Bursting the bubble that surrounds Leinster House
Green Party cabinet minister calls on Phil Hogan to address golf dinner controversy
Green Party Cabinet Minister Roderic O'Gorman has called on EU Commissioner Phil Hogan to make a full statement on his attendance at an Oireachtas Golf Society event.
Mr O'Gorman, the Children's Minister, said Mr Hogan will have to address his decision to attend the event which has led to resignation of Agriculture Minister Dara Calleary.
Speaking on Independent.ie's Floating Voter podcast, the minister said: "I think everyone who was at that event will have questions put to them be they a commissioner, be they a TD, be they a senator and it is for each one of them to address those questions and I think they will have to address those questions."
Mr O'Gorman said there is "very real anger among the public" about that dinner and said it "would be appropriate for Commissioner Hogan to address that".
The minister said it was "appropriate" for Mr Calleary to resign because Cabinet ministers have a responsibility to follow the rules they implement.
"In the Cabinet we are making decisions and asking the public to make very significant sacrifices in how they live their daily lives. We know the decisions we are asking people to make and we can't argue that we don't understand the full impact of those decisions," he said.
"It was appropriate for Dara to resign. He made a mistake and I don't think cabinet ministers can make mistakes of that extent and expect there not to be consequences," he added.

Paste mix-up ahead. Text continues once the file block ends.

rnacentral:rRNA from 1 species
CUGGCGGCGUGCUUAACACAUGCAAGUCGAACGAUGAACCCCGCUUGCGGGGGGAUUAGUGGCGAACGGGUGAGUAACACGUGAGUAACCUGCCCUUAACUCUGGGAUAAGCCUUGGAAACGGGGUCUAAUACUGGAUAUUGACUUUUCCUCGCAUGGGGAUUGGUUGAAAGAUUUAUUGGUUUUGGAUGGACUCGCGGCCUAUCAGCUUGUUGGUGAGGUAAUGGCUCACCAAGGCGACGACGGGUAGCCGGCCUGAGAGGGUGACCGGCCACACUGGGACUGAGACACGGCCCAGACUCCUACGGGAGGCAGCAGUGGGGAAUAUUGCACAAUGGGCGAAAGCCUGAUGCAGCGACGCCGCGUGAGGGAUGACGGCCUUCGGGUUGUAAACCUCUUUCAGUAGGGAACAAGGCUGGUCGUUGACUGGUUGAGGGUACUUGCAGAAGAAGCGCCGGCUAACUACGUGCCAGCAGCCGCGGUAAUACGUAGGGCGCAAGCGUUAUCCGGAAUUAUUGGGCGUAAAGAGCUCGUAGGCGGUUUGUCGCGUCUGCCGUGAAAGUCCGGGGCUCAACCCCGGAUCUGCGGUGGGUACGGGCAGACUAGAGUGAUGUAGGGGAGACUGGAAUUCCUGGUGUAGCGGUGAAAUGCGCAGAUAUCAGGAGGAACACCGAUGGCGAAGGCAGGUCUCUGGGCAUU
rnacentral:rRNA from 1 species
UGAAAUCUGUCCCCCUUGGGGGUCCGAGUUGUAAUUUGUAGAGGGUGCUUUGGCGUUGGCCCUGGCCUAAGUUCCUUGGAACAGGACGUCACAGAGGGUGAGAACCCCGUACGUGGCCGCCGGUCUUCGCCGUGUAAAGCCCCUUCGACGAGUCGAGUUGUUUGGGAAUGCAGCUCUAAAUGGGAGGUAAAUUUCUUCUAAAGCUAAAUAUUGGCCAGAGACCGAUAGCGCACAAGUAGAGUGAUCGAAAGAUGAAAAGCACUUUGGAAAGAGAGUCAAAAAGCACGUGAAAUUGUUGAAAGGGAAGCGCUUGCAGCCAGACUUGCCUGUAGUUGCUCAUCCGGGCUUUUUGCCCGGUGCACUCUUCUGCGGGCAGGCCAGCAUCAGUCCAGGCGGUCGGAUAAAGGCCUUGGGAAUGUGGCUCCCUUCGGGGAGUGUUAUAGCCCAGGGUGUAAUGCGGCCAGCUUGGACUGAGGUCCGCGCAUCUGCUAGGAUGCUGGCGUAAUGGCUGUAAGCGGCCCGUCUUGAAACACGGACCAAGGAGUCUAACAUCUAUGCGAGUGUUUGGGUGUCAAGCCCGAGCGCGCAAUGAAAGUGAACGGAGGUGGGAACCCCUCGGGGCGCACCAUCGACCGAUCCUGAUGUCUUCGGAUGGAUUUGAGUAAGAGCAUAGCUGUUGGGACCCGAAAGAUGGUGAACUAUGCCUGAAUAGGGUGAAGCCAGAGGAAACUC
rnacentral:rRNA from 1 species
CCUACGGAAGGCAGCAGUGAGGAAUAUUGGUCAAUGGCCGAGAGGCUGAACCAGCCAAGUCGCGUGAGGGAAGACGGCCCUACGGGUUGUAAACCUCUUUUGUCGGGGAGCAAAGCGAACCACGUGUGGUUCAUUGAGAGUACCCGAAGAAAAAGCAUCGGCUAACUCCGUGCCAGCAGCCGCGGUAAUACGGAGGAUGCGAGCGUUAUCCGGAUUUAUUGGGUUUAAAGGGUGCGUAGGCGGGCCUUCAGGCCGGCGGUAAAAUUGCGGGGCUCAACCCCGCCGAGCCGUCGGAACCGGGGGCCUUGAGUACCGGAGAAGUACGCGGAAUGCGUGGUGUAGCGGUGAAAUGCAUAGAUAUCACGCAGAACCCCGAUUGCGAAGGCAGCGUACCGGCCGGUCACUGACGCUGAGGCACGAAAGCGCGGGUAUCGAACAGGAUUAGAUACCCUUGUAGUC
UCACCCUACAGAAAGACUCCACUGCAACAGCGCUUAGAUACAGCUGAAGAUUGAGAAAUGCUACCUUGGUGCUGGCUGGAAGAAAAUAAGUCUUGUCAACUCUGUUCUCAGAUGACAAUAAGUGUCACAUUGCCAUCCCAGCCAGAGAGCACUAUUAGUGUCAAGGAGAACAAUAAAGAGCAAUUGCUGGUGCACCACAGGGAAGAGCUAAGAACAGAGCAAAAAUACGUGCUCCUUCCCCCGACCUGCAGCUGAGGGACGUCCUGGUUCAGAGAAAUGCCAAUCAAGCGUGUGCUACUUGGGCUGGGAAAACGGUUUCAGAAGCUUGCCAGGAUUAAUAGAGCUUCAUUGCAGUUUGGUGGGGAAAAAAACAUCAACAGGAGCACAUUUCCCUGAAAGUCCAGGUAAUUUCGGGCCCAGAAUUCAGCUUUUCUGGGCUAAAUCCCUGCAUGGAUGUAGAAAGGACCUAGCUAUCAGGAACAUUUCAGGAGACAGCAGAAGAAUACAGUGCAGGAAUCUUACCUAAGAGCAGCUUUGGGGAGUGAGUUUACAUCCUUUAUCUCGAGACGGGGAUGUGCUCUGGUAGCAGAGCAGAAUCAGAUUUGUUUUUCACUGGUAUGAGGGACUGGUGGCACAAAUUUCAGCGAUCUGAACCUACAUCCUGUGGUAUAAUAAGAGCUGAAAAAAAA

Michael Healy Rae won’t make customers wear mask in his shop
Kerry TD Michael Healy Rae will not force customers to wear masks or facing coverings in his shop as they become mandatory today.
Mr Healy Rae said he will encourage people to wear them but said he will not become an “enforcer” and neither will his staff.
Speaking on Independent.ie’s Floating Voter podcast, he said: “We are not going to be saying to a person 'you've no mask on, you can't be in the shop.’”
“It won’t happen in my shop and the vast majority of shops in Ireland. People working in the shops have enough to be doing just to do their own roles,” he added.
Mr Healy Rae runs a Mace supermarket and filling station in his hometown of Killorglin.
In a wide-ranging interview Mr Healy Rae also said:
- He would accept a local lockdown in Kerry because the “rules are the rule”.
- But public health experts don’t have a “monopoly on being right” when it comes to pubs.
- The new government has been an “unmitigated disaster”.
- The sacking of Barry Cowen as Agriculture Minister was “wrong”.
- Education Minister Norma Foley is a “formidable operator”.
- And landlords are being “demonised” by certain TDs.
Mr Healy Rae siad it is “remarkable” that pubs are still closed when around 100,000 people flew into Ireland from abroad last week. “That in itself was an anomaly and is something of great consternation to a lot of people,” he said.
The long serving deputy said the Government should introduce testing and quarantine for all travellers arriving here as they have in New Zealand where there has been no new coronavirus case in over 100 days.
Mr Healy-Rae said it is “counterproductive” to public health to keep pubs closed because people are not congregating in a smaller number of licenced premises. He also said the ban had led to emergence of sheebens in rural communities along with house parties and increased off-licence sales.
He said his brother Danny’s pub has remained closed throughout the pandemic as he does not serve food.
Mr Healy-Rae says “common sense” outweighs advice from the National Public Health Emergency Team’s (Npeht) guidance on the reopening of pubs. “No one has a monopoly on being right about everything at all times and I think they're wrong on this occasion,” he added.
He said the new coalition government has been an “unmitigated disaster” that has “lunged from crisis to crisis”. He said Taoiseach Micheal Martin is a very experienced TD and expected him to be “more sure footed” when he took office.